If I were to ask a random Hubber to name another Hubber who is known for original illustrations, chances are Mark Ewbie‘s name would pop up. This prolific Hubber is famous for his signature stick figure style (and entertaining humor), hence it is only a matter of course that we would ask for his advice on the creating custom graphics for Hubs.
Amidst his insights and advice, you might be surprised to find that this award-winning Hubber didn’t actually start doodling until he joined HubPages two years ago. Once again, we are reminded that you can embark on new artistic endeavors at any time.
Have you always doodled and sketched things?
I certainly drew stuff as a child but never had that ability of real artists to make something come alive on a page. So I gave up, thinking that if I couldn’t draw a realistic human face or a cat there was no point.
I started doodling again when I joined HubPages. Now I feel that I have missed out if a day goes by without drawing something. It is something I enjoy which I had never previously felt a need to do.
Am I an artist with years of experience? Absolutely not. Ask me again in twenty years.
Have you always created illustrations for your work?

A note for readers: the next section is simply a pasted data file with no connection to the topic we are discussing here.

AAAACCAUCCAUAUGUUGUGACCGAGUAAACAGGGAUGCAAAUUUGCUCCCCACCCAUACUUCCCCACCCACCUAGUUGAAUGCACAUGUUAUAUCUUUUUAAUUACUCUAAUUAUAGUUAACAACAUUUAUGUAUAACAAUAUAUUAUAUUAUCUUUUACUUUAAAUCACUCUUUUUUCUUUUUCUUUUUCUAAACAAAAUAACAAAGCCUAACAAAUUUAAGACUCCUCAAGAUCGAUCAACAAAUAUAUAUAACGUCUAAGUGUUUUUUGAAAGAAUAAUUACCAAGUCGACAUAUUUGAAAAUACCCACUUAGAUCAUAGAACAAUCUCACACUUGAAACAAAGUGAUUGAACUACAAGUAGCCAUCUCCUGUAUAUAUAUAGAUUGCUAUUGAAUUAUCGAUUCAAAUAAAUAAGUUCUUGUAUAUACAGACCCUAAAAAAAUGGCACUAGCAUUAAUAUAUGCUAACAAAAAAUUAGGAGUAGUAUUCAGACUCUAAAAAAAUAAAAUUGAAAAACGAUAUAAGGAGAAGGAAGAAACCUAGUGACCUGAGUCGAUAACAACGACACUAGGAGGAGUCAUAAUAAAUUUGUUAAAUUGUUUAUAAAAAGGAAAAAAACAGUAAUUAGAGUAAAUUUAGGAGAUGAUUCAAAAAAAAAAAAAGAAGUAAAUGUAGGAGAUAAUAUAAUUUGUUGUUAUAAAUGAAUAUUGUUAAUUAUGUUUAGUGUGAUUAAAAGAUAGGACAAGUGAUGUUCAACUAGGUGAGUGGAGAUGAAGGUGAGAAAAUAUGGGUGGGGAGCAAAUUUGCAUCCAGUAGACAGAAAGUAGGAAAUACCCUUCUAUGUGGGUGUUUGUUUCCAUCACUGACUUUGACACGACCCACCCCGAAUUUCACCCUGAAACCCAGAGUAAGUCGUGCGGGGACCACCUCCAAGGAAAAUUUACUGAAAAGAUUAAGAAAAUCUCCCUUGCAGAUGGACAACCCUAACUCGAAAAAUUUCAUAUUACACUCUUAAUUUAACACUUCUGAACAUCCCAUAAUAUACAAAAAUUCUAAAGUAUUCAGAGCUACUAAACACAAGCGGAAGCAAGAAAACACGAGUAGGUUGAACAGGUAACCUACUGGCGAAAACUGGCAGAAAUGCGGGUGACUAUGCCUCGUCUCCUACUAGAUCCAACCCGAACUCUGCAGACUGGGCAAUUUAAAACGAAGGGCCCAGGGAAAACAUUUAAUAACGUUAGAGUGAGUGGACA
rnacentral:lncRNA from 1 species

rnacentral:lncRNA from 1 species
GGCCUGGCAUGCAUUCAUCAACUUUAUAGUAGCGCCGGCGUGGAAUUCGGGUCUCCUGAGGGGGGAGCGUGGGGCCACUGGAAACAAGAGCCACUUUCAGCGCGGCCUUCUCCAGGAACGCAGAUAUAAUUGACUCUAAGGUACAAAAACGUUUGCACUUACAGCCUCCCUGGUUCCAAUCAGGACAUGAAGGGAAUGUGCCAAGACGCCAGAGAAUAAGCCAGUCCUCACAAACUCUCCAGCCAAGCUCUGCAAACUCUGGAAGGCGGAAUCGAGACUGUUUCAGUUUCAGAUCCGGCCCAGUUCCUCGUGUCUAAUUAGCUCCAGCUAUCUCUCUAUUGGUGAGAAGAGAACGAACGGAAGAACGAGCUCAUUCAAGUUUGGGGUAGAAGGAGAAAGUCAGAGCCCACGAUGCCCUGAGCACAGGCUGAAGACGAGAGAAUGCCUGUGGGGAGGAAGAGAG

If by ‘work’ you mean the variable quality nonsense I have produced for HubPages then the answer is yes. I realised early on that everyone said “You must have pictures” and so it began.
At first I did simple pictures to occupy some space between the text and give my pages a less wordy feel. They were a very minor element because I thought my writing was far more important and hey, I can’t draw!
Now my ‘illustrations’ are a key aspect of what I do and often the main purpose for the article. Frequently the words are breaking up the pictures – rather than the other way around.
How did your practice of creating custom images for articles come about?
When I first joined HubPages, I realised with horror that I needed a profile pic. No way! I’m not saying I am not attractive, in some lights and wearing a floppy hat I’m quite passable. The occasional lady has… well anyway.